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Propensity Scores Friday, June 1 st, 10:15am-12:00pm Deborah Rosenberg, PhDKristin Rankin, PhD Research Associate ProfessorResearch Assistant Professor.

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Presentation on theme: "Propensity Scores Friday, June 1 st, 10:15am-12:00pm Deborah Rosenberg, PhDKristin Rankin, PhD Research Associate ProfessorResearch Assistant Professor."— Presentation transcript:

1 Propensity Scores Friday, June 1 st, 10:15am-12:00pm Deborah Rosenberg, PhDKristin Rankin, PhD Research Associate ProfessorResearch Assistant Professor Division of Epidemiology and Biostatistics University of IL School of Public Health Training Course in MCH Epidemiology

2 11 Propensity Scores The goal of using propensity scores is to more completely and efficiently address observed confounding of an exposure- outcome relationship. Program evaluation – Addresses selection bias Epidemiology – Addresses non-randomization of exposure Propensity scores are the predicted probabilities from a regression model of this form: Exposure = pool of observed confounders “Conditional probability of being exposed or treated (or both)”

3 22 Propensity Scores When exposed and unexposed groups are not equivalent such that the distribution on covariates is not only different, but includes non-overlapping sets of values, then the usual methods for controlling for confounding may be inadequate. Non-overlapping distributions (lack of common support) means that individuals in one group have values on some of the covariates that don’t exist in the other group and vice versa.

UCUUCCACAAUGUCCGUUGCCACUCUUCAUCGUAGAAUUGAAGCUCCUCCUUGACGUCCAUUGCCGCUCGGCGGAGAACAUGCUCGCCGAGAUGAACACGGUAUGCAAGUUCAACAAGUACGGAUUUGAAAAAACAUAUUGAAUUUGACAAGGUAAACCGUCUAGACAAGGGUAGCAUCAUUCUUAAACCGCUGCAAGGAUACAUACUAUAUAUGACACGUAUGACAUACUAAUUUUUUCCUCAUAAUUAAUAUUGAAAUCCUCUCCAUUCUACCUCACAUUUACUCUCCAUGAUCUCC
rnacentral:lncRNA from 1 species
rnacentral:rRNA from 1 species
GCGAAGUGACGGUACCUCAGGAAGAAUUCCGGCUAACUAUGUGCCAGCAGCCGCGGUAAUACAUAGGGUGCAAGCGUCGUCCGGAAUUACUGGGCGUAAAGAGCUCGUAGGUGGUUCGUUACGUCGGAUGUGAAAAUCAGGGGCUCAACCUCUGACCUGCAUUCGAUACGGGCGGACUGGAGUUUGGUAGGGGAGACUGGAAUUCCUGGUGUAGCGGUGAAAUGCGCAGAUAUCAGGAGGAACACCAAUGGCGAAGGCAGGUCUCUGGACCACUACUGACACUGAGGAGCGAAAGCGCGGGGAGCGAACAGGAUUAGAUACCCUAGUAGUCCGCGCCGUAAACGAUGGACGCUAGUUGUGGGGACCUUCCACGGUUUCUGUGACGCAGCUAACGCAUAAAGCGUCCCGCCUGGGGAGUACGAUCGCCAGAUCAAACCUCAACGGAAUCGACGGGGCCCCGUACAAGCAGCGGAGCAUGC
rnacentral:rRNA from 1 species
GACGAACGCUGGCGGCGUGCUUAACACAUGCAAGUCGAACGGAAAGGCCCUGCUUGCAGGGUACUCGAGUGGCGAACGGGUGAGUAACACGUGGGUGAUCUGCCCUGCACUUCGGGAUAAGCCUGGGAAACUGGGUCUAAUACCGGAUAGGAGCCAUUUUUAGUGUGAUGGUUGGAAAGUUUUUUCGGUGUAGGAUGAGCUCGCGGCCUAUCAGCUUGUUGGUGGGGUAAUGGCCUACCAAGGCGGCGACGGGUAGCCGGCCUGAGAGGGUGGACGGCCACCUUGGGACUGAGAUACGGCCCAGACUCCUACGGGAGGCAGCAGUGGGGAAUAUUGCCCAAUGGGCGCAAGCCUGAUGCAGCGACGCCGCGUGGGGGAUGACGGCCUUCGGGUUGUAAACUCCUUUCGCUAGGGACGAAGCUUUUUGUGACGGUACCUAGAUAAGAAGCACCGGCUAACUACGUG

4 3 Sturmer, et al 2006, J Clin Epidemiol Area of “Common Support”

5 4 Benefits of Propensity Score Methods The accessibility of multivariable regression methods means they are often misused, with reporting of estimates that are extrapolations beyond available data. The process of generating propensity scores: –focuses attention on model specification to account for covariate imbalance across exposure groups, and support of data with regard to “exchangeability” of exposed and unexposed –Allows for trying to mimic randomization by simultaneously matching people on large sets of known covariates –Forces researcher to design study/check covariate balance before looking at outcomes Oakes and Johnson, Methods in Social Epidemiology

6 5 Propensity Scores Propensity scores might be used in three ways: 1. as a covariate in a model along with exposure, or as weights for the observations in a crude model (not recommended due to possible off-support inference) 2. as values on which to stratify/subclassify data to form more comparable groups 3. as values on which to match an exposed to an unexposed observation, then using the matched pair in an analysis that accounts for the matching

7 66 Propensity Scores Propensity scores are the predicted probabilities from a regression model of this form: Exposure = pool of observed confounders proc logistic data=analysis desc; class &propenvars / param=ref ref=first; model adeq=&propenvars; output out=predvalues p=propscore; run; Once the propensity scores are generated, they are used to run the real model of interest: outcome = exposure *Note: Make sure you start with a dataset with no missing values on outcome, or you will end up with unmatched pairs